But the story of The Quintet is not over yet. Andresen died in October 2nd, 2004, but the remaining members of The Quintet, including Neumann back, again, from retirement and with double bass player Per Zanussi, have reunited for the last, ‘comeback’ performance at this summer's edition of the Oslo Jazz Festival, to mark the release of Events 1998-1999. Nilssen-Love says that after the soundcheck, “we will all visit Bjørnar’s grave, say hello and pay our respects, then go back to the venue and perform what will be our very last concert as The Quintet”.

Events 1998-1999 emphasizes that the music of The Quintet still sounds fresh and powerful. The 
Quintet was a truly democratic unit, with no rules or prescription where the music should go, just letting the music happen. The first disc is a 45-minutes session recorded at Opsvik’s father, the furniture designer Peter Opsvik’s showroom in Oslo in July 8th, 1998. Neumann’s soulful, Ornette Coleman-ish tone set the emphatic, searching atmosphere of this session while Andresen’s deep-toned rumbling and sudden vocalizations cement the intense commotion. Nilssen-Love already has a dominant role in shaping the energetic dynamics of The Quintet and Gutvik rounds these dynamics with melodic, jazzy lines.

The second disc features four improvisations that were recorded for the Norwegian Broadcasting Service’s (NRK) Radio, in Oslo in March 19th, 1999. The Quintet sounds in its element and in top free form. The music flows in a free-associative mode and Gutvik sounds now as if he has done a quantum leap into totally, free-idiomatic mode. Andresen, Opsvik and Nilssen-Love build layer upon layer of percolating rhythmic patterns, including the introduction of the famous farmer’s groove on the second improvisation, while Neumann keep soaring brilliantly high above.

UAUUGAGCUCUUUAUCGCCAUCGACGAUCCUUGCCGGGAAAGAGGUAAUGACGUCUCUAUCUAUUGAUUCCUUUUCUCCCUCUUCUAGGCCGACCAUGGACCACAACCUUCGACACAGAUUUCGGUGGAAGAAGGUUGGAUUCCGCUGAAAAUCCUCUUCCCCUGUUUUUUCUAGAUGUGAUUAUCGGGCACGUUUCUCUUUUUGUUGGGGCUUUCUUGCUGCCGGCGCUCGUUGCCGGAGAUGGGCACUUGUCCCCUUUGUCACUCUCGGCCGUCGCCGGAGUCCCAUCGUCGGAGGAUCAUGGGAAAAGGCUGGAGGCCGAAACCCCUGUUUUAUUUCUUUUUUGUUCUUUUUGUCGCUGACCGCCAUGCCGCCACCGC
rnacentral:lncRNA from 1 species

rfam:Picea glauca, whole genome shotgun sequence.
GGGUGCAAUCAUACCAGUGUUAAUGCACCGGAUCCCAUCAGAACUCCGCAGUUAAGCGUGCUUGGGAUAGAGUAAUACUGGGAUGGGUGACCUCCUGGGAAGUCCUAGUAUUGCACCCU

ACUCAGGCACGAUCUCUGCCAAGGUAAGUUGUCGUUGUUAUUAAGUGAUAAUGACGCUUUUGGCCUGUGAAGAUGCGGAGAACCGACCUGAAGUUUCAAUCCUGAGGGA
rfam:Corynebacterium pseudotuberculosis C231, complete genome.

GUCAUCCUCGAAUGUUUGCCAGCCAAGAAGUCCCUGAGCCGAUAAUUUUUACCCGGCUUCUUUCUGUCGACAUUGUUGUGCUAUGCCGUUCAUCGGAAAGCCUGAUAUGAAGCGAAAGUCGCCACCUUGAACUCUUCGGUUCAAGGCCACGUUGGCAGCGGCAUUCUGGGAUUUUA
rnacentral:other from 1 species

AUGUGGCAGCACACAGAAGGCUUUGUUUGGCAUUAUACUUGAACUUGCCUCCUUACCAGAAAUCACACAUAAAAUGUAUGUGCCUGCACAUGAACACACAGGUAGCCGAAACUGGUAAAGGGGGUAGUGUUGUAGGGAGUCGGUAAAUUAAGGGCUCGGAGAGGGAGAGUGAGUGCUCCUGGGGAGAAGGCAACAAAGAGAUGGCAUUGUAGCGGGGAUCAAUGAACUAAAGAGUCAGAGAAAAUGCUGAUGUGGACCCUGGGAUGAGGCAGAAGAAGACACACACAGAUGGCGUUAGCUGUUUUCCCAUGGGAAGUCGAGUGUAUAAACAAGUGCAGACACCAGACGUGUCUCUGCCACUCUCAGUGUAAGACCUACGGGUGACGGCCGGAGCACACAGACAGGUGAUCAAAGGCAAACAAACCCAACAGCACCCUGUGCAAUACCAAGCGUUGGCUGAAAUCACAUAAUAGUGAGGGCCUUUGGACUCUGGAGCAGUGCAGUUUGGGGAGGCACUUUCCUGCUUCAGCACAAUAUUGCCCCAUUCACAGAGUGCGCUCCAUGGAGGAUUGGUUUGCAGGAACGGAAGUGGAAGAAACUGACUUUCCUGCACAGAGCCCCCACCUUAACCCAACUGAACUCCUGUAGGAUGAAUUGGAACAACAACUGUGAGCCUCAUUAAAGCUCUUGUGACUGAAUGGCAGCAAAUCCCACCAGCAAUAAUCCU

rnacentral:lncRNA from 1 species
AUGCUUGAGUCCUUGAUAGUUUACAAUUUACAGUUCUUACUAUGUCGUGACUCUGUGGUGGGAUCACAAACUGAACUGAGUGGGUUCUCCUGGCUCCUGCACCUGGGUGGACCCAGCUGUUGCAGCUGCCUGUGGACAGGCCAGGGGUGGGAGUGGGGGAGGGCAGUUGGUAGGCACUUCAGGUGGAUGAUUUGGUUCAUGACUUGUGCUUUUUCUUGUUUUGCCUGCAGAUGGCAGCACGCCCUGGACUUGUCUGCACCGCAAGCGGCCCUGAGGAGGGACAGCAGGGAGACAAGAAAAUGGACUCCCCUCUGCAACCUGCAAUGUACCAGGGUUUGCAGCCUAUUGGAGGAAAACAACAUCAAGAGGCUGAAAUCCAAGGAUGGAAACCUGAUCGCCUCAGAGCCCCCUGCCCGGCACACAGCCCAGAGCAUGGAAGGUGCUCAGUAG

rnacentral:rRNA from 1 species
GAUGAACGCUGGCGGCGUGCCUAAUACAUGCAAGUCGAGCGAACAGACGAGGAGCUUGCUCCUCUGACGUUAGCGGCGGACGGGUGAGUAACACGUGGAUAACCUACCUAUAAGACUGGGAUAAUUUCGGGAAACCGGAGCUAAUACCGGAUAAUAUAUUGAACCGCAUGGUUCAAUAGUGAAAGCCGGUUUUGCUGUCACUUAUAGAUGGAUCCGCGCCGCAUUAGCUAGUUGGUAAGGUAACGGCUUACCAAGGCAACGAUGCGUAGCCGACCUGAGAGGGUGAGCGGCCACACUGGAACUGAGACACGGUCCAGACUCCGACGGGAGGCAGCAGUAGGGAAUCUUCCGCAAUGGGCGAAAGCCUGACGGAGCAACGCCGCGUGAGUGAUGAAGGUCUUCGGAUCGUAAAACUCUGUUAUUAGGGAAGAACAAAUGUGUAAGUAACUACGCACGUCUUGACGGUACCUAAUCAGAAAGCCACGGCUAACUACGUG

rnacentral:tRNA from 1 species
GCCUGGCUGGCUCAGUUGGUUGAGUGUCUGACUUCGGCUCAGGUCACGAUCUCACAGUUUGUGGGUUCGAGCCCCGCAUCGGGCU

The third disc is the March 28, 1999 recording from Fraktgodsen, Voss, mastered by Audun Strype. The Quintet began there its triumphant set of performances in the major jazz festivals of Norway, soon to headline the Oslo and Molde jazz festivals. The quintet was in a perfect spiritual form and played two extended pieces. On the first piece The Quintet builds patiently its powerful rhythmic interplay towards the ecstatic, climatic coda. Andresen, Opsvik and Nilssen-Love demonstrate the uplifting effectiveness of their farmer’s groove on the second piece, pushing Neumann and Opsvik to some beautiful, highly emotional dances, again, up until the cathartic conclusion.

The fourth disc is from the Blå club during the Oslo Jazz Festival in August 14th, 1999. The Quintet has to win over a talkative but apparently appreciative audience that just needed more and more from doses of its potent rhythmic recipe, especially of the unstoppable Andresen who simply plays all over his bass. Opsvik suggests a surprising lyrical vein mid-piece the first improvisation with gentle and 
emotional arco playing, soon to be joined by Neumann, but Andresen insists on keeping shaping the multilayered groove. Andresen even keeps the audience amused with some jokes on the second piece.

The fifth and last disc recorded at USF, Bergen JazzForum in October 29th, 1999, with Zanussi replacing Opsvik, who moved to New York to pursue his studies. Nilssen-Love takes the lead and offers a tough and fierce course from the very beginning until the end of this set, pushing the others to a highly intense interplay but one that surprisingly also unearth a strong bluesy vein. Neumann rides freely on Nilssen-Love’s fast-shifting pulse with his soulful-singing Coleman-ish tone, Gutvik fully justifies Nilssen-Love trust in him and Andresen and Zanussi suggest their version of the farmer’s groove on the last piece. The Quintet played again in the DølaJazz festival in Lillehammer in 2000 but all musicians felt that it had run it course by then.

Five stars not only for the great music, but also for filling the missing historic link, the generous liner notes and the immeasurable love and passion invested in the research and production of this box-set.


tony verstraete said...

Available from